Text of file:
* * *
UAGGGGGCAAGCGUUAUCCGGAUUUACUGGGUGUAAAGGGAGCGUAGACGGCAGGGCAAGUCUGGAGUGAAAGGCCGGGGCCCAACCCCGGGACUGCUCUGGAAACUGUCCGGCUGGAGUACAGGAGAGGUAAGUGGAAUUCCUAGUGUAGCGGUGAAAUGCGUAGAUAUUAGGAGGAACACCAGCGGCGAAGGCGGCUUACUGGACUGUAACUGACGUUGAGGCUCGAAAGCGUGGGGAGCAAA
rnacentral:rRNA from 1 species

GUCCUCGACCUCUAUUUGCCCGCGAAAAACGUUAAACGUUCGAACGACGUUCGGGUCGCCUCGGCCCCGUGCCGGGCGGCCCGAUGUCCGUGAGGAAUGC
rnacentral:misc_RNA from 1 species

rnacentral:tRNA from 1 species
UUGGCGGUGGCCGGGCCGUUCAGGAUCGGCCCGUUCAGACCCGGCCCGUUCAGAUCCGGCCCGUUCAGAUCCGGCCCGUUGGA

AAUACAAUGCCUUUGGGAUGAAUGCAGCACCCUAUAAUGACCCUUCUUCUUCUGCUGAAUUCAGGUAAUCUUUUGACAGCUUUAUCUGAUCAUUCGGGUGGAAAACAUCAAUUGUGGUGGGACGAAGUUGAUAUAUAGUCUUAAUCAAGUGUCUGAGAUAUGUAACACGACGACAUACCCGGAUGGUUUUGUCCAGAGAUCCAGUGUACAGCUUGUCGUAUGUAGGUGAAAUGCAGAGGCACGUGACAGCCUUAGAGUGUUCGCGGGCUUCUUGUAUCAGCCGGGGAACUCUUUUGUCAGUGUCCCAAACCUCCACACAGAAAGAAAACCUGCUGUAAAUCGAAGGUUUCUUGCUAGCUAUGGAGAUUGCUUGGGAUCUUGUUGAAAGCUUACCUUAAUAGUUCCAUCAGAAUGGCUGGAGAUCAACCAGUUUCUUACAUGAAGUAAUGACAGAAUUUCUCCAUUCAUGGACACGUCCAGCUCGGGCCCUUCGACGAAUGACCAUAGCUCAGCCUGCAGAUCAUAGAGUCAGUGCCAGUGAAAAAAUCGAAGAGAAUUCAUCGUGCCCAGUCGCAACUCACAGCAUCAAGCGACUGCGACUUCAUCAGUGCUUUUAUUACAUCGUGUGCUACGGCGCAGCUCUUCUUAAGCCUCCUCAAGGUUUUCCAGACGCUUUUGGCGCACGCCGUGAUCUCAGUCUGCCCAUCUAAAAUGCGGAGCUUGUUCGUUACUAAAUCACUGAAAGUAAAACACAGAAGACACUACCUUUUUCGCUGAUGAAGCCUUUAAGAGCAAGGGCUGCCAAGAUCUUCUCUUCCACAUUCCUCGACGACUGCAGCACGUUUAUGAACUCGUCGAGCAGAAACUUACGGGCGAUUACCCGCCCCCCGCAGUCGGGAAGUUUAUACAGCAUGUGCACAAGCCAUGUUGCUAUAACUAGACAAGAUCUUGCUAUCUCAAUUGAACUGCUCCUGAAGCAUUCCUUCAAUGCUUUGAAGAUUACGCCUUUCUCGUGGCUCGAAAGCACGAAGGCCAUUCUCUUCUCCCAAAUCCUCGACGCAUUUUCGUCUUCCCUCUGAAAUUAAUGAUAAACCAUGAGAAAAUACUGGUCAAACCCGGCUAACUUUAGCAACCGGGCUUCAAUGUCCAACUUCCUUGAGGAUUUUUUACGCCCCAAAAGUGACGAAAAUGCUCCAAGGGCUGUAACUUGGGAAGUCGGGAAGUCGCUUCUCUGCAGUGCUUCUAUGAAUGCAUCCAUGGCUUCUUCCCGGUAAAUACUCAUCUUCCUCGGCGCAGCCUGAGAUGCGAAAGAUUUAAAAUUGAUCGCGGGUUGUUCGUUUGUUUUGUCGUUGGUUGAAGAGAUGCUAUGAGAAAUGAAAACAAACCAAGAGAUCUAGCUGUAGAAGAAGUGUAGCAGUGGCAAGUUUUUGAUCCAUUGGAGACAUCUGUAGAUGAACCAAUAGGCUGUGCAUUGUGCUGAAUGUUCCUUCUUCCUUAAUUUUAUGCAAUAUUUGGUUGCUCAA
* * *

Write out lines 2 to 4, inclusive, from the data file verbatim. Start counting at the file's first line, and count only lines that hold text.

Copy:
rnacentral:rRNA from 1 species

GUCCUCGACCUCUAUUUGCCCGCGAAAAACGUUAAACGUUCGAACGACGUUCGGGUCGCCUCGGCCCCGUGCCGGGCGGCCCGAUGUCCGUGAGGAAUGC
rnacentral:misc_RNA from 1 species